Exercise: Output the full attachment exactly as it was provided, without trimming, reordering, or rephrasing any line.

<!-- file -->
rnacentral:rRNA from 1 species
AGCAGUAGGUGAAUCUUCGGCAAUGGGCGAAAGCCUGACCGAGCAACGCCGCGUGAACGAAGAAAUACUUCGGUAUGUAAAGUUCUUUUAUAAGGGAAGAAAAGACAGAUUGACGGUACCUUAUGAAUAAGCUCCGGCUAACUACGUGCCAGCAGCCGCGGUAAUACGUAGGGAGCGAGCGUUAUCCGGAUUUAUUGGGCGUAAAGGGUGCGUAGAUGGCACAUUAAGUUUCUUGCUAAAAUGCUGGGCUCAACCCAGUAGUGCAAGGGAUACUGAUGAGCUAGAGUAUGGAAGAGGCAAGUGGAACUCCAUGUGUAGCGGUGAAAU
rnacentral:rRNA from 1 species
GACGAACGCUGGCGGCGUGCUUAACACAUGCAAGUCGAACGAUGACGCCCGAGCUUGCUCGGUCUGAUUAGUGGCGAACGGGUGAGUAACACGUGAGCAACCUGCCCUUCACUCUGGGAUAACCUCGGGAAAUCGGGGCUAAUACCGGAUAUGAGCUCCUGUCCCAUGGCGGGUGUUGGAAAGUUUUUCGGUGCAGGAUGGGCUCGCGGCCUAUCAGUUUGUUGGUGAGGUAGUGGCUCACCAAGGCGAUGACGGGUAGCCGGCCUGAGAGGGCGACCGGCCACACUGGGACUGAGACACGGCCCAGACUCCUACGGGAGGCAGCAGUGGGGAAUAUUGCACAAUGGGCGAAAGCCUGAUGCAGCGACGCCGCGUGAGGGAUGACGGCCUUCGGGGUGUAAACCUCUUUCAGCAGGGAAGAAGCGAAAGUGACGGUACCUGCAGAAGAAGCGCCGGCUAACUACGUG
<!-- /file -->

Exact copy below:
rnacentral:rRNA from 1 species
AGCAGUAGGUGAAUCUUCGGCAAUGGGCGAAAGCCUGACCGAGCAACGCCGCGUGAACGAAGAAAUACUUCGGUAUGUAAAGUUCUUUUAUAAGGGAAGAAAAGACAGAUUGACGGUACCUUAUGAAUAAGCUCCGGCUAACUACGUGCCAGCAGCCGCGGUAAUACGUAGGGAGCGAGCGUUAUCCGGAUUUAUUGGGCGUAAAGGGUGCGUAGAUGGCACAUUAAGUUUCUUGCUAAAAUGCUGGGCUCAACCCAGUAGUGCAAGGGAUACUGAUGAGCUAGAGUAUGGAAGAGGCAAGUGGAACUCCAUGUGUAGCGGUGAAAU
rnacentral:rRNA from 1 species
GACGAACGCUGGCGGCGUGCUUAACACAUGCAAGUCGAACGAUGACGCCCGAGCUUGCUCGGUCUGAUUAGUGGCGAACGGGUGAGUAACACGUGAGCAACCUGCCCUUCACUCUGGGAUAACCUCGGGAAAUCGGGGCUAAUACCGGAUAUGAGCUCCUGUCCCAUGGCGGGUGUUGGAAAGUUUUUCGGUGCAGGAUGGGCUCGCGGCCUAUCAGUUUGUUGGUGAGGUAGUGGCUCACCAAGGCGAUGACGGGUAGCCGGCCUGAGAGGGCGACCGGCCACACUGGGACUGAGACACGGCCCAGACUCCUACGGGAGGCAGCAGUGGGGAAUAUUGCACAAUGGGCGAAAGCCUGAUGCAGCGACGCCGCGUGAGGGAUGACGGCCUUCGGGGUGUAAACCUCUUUCAGCAGGGAAGAAGCGAAAGUGACGGUACCUGCAGAAGAAGCGCCGGCUAACUACGUG